Leahy: Safety Remains Highest Priority As Closure Looms For Vermont Yankee Plant

Leahy Urges Prompt Decommissioning, Instead Of Entergy’s Preferred “SAFSTOR” Approach

MONTPELIER, Vt.-- U.S. Senator Patrick Leahy (D-Vt.) says safety should remain the highest priority as Entergy prepares to close the Vermont Yankee nuclear power plant.  The company Tuesday announced plans to close the aging plant in 2014.

Leahy said, “Safe decommissioning of Vermont Yankee is an issue of enormous and overarching importance for Vermont.  Every precaution must be taken to insure public and worker safety during the decommissioning, and to insure that we do not leave a public safety nightmare for future generations of Vermonters.”

Entergy has said that they intend to employ the “SAFSTOR” approach, meaning they intend to mothball the plant, largely intact, for 20 or more years before cleanup is fully addressed.  In 2011 Leahy, Senator Bernie Sanders (I-Vt.) and Rep. Peter Welch (D-Vt.) wrote to the chairman of the Nuclear Regulatory Commission (NRC), [LINK to letter: http://www.leahy.senate.gov/download/delegation-to-nrc-safstor] expressing their deep concerns about the SAFSTOR approach as it might be applied to Vermont Yankee.  Their letter said, in part:  “SAFSTOR would let Entergy off the hook for clean-up, waste disposal, and remediation of the plant site in Vernon, Vermont, for years, or even decades.” 

Instead, Leahy noted, moving quickly to full decommissioning and cleanup would have the added advantage of using the plant’s current highly skilled and experienced workforce, rather than trying to train a new generation of workers with the plant and its older technology decades from now.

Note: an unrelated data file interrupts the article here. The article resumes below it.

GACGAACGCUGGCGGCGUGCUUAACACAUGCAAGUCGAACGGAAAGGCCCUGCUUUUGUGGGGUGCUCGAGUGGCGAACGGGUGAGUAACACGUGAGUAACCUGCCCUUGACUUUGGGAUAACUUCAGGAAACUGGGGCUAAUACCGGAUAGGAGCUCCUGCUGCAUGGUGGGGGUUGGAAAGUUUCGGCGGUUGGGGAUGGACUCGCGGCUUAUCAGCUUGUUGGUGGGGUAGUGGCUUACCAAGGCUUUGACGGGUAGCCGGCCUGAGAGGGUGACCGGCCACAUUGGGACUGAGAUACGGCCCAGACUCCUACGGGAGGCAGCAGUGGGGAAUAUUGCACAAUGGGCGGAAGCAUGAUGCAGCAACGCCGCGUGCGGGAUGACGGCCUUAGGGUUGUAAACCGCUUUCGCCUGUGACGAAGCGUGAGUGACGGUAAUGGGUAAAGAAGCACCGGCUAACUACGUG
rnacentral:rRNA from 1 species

Leahy said the NRC should now be pressed to approve a decommissioning approach which places the highest priority on safety, now and into the future, and not to sacrifice the public interest in the interest of Entergy’s bottom line. 

Leahy said, “The full cost of this decommissioning needs to be paid by the plant owner and must not become a burden for Vermont or for the federal government.” 

Leahy also said that while Vermont Yankee contributes to the regional power grid, none of the electricity currently generated by Vermont Yankee is sold in Vermont, though a significant portion of Vermont’s electricity purchases do come from other nuclear power plants.   Leahy said, “Now is the time for Vermonters to refocus our attention on increasing our energy efficiency and bringing online alternative clean and renewable energy sources. This is added impetus for offsetting as much of Vermont Yankee’s capacity as possible through those better, cleaner and sustainable alternatives.  The cheapest energy of all is the energy we don’t use.”

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